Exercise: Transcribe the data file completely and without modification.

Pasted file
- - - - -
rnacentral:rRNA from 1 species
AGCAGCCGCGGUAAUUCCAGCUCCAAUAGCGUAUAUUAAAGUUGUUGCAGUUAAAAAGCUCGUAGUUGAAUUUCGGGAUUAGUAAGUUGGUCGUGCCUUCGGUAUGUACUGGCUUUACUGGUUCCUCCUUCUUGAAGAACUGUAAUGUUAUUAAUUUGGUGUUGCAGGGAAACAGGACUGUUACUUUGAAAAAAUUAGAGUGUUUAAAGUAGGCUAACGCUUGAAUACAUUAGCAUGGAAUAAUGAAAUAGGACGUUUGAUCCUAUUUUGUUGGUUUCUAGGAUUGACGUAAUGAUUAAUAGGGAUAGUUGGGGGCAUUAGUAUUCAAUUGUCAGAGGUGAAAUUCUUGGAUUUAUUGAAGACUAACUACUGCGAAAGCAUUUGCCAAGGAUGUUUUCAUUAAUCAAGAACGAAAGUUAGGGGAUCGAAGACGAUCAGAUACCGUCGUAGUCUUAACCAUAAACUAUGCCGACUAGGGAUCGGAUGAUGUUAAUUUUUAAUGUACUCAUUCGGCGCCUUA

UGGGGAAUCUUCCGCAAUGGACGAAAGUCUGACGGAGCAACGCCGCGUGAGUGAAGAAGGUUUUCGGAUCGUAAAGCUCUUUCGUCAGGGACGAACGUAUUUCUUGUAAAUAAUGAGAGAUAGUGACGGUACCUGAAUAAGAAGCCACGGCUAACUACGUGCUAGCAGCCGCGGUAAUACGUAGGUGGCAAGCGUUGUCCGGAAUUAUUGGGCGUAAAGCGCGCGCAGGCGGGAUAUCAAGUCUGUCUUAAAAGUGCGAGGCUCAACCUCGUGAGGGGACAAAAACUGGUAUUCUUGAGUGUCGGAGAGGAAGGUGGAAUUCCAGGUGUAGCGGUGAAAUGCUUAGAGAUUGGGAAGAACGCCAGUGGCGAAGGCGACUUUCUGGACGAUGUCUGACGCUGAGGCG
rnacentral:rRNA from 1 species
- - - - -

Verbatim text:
rnacentral:rRNA from 1 species
AGCAGCCGCGGUAAUUCCAGCUCCAAUAGCGUAUAUUAAAGUUGUUGCAGUUAAAAAGCUCGUAGUUGAAUUUCGGGAUUAGUAAGUUGGUCGUGCCUUCGGUAUGUACUGGCUUUACUGGUUCCUCCUUCUUGAAGAACUGUAAUGUUAUUAAUUUGGUGUUGCAGGGAAACAGGACUGUUACUUUGAAAAAAUUAGAGUGUUUAAAGUAGGCUAACGCUUGAAUACAUUAGCAUGGAAUAAUGAAAUAGGACGUUUGAUCCUAUUUUGUUGGUUUCUAGGAUUGACGUAAUGAUUAAUAGGGAUAGUUGGGGGCAUUAGUAUUCAAUUGUCAGAGGUGAAAUUCUUGGAUUUAUUGAAGACUAACUACUGCGAAAGCAUUUGCCAAGGAUGUUUUCAUUAAUCAAGAACGAAAGUUAGGGGAUCGAAGACGAUCAGAUACCGUCGUAGUCUUAACCAUAAACUAUGCCGACUAGGGAUCGGAUGAUGUUAAUUUUUAAUGUACUCAUUCGGCGCCUUA

UGGGGAAUCUUCCGCAAUGGACGAAAGUCUGACGGAGCAACGCCGCGUGAGUGAAGAAGGUUUUCGGAUCGUAAAGCUCUUUCGUCAGGGACGAACGUAUUUCUUGUAAAUAAUGAGAGAUAGUGACGGUACCUGAAUAAGAAGCCACGGCUAACUACGUGCUAGCAGCCGCGGUAAUACGUAGGUGGCAAGCGUUGUCCGGAAUUAUUGGGCGUAAAGCGCGCGCAGGCGGGAUAUCAAGUCUGUCUUAAAAGUGCGAGGCUCAACCUCGUGAGGGGACAAAAACUGGUAUUCUUGAGUGUCGGAGAGGAAGGUGGAAUUCCAGGUGUAGCGGUGAAAUGCUUAGAGAUUGGGAAGAACGCCAGUGGCGAAGGCGACUUUCUGGACGAUGUCUGACGCUGAGGCG
rnacentral:rRNA from 1 species